History and Issues of the Pilatus PC-12
The Pilatus PC-12 is a single-engine turboprop passenger aircraft that was launched by the Swiss-based manufacturer in the mid-1990s.
Aircraft System Failure/Fault
The PC-12 is known to have unusual and potentially dangerous stall characteristics. So much so, in fact, that when Pilatus Aircraft, Ltd. first sought to certify the aircraft for sale and use within the United States, the FAA required the incorporation of a “stick-pusher” anti-stall system to help make the plane safer in certain flight conditions. This “work-around” did not change the hazardous aerodynamic characteristics of the airplane.
The stick-pusher is designed to warn pilots of impending stalls and automatically lowers the nose of the aircraft when stall conditions are detected to increase the lift produced by the wings and keep the plane flying. The PC-12’s stick-shaker and stick-pusher system may be implicated here for failing to prevent an aircraft stall. In the past, the stick-pusher system has been the subject of two safety-related Airworthiness Directives issued by the FAA.
Despite hundreds of low fuel pressure events due to icing in the fuel, a warning was never displayed on the airplane’s Caution and Warning System due to deficiencies in the way the system was programmed.
The PC-12 also has a history of problems in cold weather operations that affect the fuel system. The Preliminary Report also stated that there was a cloud layer at 8,000 feet which may mean the aircraft could have passed through an area that was conducive to ice formation on the plane’s wings and tail surfaces. In-flight icing is dangerous for two reasons: first, when ice forms on an aircraft, it increases the plane’s overall weight; second, as ice builds up on wings and tail surfaces, it changes the way that air flows across these surfaces. The added weight and altered airflow combine to change the fundamental flight characteristics of the aircraft. In such situations, ice formation can result in the plane stalling at a higher airspeed than normal and the pilot has no way of knowing what that new stall speed is. For this reason, icing can result in sudden, uncontrollable stalls, especially when an aircraft is slowing for the approach.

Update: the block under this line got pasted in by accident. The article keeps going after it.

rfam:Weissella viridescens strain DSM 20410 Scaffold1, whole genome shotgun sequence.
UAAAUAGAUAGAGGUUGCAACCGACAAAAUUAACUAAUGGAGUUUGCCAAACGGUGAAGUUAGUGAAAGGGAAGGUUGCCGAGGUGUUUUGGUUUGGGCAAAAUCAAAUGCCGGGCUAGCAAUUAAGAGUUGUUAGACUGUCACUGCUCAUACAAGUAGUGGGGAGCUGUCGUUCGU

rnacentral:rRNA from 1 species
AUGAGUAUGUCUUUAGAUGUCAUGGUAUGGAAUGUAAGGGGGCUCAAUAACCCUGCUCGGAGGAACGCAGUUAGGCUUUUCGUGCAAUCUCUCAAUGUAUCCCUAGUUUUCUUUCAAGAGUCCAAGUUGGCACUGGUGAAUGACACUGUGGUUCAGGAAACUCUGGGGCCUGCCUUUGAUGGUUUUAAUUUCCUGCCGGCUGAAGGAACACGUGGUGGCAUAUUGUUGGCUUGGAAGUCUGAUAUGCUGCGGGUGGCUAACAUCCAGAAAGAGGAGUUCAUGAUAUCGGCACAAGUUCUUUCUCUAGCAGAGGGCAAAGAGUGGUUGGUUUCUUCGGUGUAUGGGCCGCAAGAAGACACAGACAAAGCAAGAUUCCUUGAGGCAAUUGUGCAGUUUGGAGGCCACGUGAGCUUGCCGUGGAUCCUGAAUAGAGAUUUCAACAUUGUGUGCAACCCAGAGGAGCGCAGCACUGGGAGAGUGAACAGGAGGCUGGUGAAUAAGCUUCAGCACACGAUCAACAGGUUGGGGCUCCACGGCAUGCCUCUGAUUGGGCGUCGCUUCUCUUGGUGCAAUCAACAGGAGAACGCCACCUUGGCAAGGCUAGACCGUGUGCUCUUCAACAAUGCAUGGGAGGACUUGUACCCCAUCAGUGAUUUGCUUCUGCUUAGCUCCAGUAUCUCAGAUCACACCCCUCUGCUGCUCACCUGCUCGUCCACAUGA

aircraft is equipped with de-icing boots designed to inflate and deflate
periodically to prevent ice from accumulating on the leading edges of the wings
and tail, but this technology does not prevent ice from building up in other
critical areas, including immediately behind the de-icing boots. If icing is
determined to have contributed to the crash, the design and operation of the
de-icing system will have to be closely scrutinized.
Investigators also focused on icing as a possible cause of the recent crash in Buffalo,
New York, of Continental Connection Flight 3407. The aircraft in that crash was
a Bombardier Dash 8-Q400 twin-engine turboprop, which utilizes a de-icing
system similar to the Pilatus PC-12. Kreindler has been
retained by the families of seven victims of the Buffalo crash.
Aircraft overloading is another scenario that was closely examined by investigators. The PC-12 has the capacity to hold up to ten passengers and has a maximum landing weight of about 9,900 pounds. Although there were fourteen persons aboard the airplane, seven of them were children between the ages of one and nine years old. Investigators have not identified overloading as a contributing factor, but passenger and luggage weights, as well as the weight of the fuel onboard, must be determined to provide a complete assessment.
It’s notable that Kreindler’s investigation overcame the conclusion of the NTSB that the pilot was to blame.
About Kreindler & Kreindler
Kreindler is the preeminent aviation accident law firm in the world. Our attorneys have been appointed leading counsel in nearly every major commercial airline disaster case in the U.S. and abroad. Since 1950, we have fought diligently to achieve a record of success in resolving plane and helicopter crash cases on behalf of our clients. Kreindler has law offices in New York, Boston, and Los Angeles.